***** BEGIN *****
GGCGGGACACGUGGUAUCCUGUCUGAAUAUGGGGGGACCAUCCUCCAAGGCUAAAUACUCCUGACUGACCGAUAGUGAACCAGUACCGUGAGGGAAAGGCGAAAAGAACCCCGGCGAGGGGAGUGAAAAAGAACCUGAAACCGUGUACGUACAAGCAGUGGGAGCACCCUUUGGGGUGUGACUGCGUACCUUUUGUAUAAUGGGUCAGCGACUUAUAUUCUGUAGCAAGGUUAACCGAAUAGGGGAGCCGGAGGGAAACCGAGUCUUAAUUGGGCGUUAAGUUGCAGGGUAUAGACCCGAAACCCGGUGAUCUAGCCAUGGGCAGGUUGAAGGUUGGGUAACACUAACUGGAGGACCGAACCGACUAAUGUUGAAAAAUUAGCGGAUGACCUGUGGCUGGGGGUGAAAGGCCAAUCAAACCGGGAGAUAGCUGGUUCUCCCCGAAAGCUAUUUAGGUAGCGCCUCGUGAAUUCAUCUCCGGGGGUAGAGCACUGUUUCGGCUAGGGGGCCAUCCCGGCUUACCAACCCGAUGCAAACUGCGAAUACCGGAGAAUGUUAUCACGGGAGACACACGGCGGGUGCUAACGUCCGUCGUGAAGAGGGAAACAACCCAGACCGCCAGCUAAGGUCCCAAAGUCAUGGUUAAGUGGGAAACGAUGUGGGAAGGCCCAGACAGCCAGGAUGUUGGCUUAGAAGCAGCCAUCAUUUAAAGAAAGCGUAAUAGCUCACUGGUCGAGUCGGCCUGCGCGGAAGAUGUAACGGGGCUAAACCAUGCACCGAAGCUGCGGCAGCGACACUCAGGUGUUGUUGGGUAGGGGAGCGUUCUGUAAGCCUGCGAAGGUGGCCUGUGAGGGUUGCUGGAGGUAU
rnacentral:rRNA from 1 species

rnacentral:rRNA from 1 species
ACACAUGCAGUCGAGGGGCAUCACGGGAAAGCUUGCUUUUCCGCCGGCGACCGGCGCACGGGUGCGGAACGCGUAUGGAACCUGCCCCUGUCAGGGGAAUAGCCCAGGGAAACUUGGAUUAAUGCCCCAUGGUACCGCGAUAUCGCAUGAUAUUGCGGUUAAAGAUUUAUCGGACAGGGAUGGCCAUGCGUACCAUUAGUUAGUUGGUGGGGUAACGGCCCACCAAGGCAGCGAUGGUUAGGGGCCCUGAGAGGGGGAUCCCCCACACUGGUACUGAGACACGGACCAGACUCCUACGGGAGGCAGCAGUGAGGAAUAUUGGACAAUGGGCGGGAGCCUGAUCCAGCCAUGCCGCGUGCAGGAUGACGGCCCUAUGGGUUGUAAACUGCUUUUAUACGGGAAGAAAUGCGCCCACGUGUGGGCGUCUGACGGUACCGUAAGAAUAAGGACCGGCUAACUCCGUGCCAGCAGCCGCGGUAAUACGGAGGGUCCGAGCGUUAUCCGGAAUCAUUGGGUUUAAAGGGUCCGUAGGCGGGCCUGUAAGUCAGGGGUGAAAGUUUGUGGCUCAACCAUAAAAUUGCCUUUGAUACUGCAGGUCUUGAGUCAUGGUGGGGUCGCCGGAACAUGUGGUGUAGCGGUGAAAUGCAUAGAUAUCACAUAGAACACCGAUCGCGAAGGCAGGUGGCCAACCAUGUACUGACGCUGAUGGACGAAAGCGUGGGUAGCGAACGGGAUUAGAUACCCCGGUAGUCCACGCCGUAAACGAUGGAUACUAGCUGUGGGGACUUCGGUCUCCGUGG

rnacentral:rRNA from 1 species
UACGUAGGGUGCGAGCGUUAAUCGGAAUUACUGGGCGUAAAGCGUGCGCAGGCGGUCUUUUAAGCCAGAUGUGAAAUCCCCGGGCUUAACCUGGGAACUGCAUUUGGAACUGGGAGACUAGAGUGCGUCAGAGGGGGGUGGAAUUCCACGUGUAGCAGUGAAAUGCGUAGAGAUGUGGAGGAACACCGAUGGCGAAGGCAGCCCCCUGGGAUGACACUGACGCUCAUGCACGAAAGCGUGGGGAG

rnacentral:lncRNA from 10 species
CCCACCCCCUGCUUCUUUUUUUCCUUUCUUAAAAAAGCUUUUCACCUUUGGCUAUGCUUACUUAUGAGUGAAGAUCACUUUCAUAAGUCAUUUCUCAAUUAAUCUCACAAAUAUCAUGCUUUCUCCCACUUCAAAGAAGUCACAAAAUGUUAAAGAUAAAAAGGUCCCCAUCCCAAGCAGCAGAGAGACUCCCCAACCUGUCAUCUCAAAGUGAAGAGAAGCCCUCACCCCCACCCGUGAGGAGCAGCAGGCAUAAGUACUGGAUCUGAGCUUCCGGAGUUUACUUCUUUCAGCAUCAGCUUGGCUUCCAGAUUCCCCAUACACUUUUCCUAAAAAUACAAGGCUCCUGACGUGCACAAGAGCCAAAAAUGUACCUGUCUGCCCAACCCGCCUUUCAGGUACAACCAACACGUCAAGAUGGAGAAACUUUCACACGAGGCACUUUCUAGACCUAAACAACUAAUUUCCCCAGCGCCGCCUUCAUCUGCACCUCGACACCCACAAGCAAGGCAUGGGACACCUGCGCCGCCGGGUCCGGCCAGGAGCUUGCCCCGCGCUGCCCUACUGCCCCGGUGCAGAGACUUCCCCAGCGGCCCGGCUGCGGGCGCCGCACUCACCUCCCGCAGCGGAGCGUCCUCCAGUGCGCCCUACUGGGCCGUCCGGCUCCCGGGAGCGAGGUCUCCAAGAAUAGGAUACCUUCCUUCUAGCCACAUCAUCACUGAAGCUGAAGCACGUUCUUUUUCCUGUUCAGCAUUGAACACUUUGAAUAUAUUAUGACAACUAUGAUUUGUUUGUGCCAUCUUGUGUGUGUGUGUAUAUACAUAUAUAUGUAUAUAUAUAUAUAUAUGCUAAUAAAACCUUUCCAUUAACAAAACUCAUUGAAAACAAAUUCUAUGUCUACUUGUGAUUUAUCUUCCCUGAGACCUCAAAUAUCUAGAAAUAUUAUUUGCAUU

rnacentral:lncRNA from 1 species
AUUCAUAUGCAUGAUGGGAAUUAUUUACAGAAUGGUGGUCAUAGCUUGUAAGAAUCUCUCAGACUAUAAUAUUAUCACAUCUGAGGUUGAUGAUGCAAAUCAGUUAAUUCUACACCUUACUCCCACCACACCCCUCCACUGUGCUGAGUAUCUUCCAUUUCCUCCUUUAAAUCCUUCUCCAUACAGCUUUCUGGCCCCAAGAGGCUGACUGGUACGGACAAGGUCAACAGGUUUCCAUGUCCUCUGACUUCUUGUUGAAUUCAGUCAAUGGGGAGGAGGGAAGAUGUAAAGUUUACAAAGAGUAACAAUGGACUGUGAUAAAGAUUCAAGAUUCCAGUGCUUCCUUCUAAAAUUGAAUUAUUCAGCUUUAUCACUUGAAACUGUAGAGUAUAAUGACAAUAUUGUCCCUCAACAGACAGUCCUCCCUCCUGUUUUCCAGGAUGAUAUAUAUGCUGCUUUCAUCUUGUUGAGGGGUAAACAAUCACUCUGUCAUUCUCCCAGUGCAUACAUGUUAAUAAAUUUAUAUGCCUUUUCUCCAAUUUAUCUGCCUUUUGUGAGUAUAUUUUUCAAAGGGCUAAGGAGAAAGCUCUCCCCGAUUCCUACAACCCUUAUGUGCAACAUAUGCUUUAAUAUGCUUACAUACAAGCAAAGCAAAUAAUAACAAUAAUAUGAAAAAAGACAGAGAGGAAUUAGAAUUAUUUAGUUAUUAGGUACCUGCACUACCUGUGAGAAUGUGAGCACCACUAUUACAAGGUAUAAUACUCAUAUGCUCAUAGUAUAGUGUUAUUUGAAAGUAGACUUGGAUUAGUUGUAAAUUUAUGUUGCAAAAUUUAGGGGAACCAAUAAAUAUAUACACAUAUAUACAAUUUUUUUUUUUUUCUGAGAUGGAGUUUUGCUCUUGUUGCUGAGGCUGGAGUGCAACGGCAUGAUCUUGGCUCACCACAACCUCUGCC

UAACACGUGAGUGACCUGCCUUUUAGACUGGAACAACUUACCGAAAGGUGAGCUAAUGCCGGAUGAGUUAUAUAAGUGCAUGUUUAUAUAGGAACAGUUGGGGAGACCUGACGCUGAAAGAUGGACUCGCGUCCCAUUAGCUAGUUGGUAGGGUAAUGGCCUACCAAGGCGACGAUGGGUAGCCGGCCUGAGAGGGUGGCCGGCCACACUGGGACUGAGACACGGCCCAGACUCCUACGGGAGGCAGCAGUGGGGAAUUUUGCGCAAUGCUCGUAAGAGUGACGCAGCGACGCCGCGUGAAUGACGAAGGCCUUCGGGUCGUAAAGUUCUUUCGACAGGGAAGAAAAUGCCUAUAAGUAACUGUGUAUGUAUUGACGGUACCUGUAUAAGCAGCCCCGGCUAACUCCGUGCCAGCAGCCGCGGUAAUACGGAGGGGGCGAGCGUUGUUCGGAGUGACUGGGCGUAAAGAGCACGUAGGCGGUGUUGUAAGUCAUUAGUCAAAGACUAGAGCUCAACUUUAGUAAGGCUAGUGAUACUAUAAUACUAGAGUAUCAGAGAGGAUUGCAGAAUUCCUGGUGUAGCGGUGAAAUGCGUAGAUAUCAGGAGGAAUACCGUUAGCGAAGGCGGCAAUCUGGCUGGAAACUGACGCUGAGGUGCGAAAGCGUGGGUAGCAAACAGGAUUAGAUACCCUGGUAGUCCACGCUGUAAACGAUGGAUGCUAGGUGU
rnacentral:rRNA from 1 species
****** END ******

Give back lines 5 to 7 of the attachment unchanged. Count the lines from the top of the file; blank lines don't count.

rnacentral:rRNA from 1 species
UACGUAGGGUGCGAGCGUUAAUCGGAAUUACUGGGCGUAAAGCGUGCGCAGGCGGUCUUUUAAGCCAGAUGUGAAAUCCCCGGGCUUAACCUGGGAACUGCAUUUGGAACUGGGAGACUAGAGUGCGUCAGAGGGGGGUGGAAUUCCACGUGUAGCAGUGAAAUGCGUAGAGAUGUGGAGGAACACCGAUGGCGAAGGCAGCCCCCUGGGAUGACACUGACGCUCAUGCACGAAAGCGUGGGGAG

rnacentral:lncRNA from 10 species